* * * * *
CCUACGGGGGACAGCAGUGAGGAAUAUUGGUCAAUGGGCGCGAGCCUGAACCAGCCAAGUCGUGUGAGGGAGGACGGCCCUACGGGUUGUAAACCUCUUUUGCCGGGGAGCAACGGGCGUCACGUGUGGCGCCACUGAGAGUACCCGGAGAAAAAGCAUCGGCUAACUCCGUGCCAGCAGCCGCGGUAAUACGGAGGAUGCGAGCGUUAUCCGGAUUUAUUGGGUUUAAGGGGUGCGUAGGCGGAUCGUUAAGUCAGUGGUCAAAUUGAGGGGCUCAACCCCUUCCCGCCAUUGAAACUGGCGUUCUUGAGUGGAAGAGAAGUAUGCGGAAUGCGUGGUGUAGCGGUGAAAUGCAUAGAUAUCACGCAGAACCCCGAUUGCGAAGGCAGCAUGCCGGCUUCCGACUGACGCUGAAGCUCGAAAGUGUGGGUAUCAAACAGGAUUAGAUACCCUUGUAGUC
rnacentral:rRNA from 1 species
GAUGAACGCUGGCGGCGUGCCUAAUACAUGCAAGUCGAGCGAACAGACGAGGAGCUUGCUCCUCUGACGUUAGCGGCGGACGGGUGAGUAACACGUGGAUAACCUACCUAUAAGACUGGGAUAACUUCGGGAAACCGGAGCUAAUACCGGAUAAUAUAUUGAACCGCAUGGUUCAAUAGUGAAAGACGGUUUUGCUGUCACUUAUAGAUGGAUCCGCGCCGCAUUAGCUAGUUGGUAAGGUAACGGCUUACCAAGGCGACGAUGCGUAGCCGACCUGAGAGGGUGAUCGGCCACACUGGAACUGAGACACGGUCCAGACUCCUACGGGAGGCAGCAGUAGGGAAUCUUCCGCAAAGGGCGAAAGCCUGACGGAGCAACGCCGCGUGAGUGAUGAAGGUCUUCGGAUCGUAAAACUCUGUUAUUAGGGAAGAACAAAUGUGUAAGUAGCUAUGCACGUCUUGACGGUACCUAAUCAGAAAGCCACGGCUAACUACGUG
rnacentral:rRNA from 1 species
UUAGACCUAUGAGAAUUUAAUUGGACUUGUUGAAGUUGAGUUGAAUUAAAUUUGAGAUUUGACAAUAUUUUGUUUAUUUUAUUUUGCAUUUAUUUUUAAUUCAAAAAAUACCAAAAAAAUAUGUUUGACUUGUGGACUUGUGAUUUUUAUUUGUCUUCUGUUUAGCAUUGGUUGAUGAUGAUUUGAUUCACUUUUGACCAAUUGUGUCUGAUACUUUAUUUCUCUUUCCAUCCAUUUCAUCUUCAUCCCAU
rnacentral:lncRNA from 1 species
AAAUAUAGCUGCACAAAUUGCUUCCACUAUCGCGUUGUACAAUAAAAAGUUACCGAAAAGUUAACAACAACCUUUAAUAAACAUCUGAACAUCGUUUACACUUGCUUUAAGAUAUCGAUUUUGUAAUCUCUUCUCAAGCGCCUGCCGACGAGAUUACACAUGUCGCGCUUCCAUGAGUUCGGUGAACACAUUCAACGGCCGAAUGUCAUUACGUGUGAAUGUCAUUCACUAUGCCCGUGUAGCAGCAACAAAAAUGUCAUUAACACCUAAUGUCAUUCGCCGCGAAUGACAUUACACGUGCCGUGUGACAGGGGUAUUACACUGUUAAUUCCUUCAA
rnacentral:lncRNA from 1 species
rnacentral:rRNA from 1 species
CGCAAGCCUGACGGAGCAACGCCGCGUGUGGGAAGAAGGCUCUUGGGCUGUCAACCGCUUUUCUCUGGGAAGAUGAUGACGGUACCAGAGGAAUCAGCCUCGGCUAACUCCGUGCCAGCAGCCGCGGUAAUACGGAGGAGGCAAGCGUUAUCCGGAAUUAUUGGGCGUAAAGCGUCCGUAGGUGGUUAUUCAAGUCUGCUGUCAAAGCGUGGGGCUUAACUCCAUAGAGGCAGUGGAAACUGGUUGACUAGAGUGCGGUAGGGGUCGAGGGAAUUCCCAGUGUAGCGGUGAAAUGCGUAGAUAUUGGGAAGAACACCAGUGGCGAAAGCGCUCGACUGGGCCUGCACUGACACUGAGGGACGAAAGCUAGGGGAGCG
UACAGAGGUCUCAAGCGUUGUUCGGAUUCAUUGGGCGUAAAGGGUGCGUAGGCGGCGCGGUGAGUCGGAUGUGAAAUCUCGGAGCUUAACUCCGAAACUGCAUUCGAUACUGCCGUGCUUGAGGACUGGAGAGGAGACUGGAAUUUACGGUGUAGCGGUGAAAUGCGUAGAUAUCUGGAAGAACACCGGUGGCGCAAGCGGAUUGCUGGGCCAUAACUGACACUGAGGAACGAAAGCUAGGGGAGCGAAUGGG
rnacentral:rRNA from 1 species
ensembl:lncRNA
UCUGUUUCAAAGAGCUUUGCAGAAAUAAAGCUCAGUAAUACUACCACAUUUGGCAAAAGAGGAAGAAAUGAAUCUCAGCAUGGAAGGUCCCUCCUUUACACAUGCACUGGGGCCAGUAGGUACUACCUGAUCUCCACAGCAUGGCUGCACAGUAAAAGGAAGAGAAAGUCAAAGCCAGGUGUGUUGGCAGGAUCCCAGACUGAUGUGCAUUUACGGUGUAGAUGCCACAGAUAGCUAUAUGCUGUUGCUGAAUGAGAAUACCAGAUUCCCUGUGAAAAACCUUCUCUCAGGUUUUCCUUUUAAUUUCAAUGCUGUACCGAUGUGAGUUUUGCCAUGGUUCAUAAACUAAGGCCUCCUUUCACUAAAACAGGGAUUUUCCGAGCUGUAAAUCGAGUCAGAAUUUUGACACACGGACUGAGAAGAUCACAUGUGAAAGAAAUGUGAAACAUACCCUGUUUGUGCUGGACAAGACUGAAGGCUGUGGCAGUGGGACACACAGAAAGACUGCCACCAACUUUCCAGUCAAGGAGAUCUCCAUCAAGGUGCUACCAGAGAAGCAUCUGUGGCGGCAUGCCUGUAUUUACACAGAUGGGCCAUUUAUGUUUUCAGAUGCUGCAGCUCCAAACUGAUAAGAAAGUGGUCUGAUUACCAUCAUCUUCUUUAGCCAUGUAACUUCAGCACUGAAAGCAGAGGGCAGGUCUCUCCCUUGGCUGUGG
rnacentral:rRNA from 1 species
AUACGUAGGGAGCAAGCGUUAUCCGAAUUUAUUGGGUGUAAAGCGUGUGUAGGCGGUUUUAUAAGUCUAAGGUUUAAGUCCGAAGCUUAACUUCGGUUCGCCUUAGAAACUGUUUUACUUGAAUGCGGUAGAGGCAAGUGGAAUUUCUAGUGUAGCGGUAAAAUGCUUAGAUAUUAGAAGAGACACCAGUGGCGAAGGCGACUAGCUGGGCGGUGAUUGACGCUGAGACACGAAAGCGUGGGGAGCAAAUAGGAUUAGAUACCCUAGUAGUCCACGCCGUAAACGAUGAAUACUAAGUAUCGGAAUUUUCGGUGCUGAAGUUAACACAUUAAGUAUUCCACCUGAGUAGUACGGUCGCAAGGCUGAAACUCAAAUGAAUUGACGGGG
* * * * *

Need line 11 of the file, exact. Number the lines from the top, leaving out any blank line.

UACAGAGGUCUCAAGCGUUGUUCGGAUUCAUUGGGCGUAAAGGGUGCGUAGGCGGCGCGGUGAGUCGGAUGUGAAAUCUCGGAGCUUAACUCCGAAACUGCAUUCGAUACUGCCGUGCUUGAGGACUGGAGAGGAGACUGGAAUUUACGGUGUAGCGGUGAAAUGCGUAGAUAUCUGGAAGAACACCGGUGGCGCAAGCGGAUUGCUGGGCCAUAACUGACACUGAGGAACGAAAGCUAGGGGAGCGAAUGGG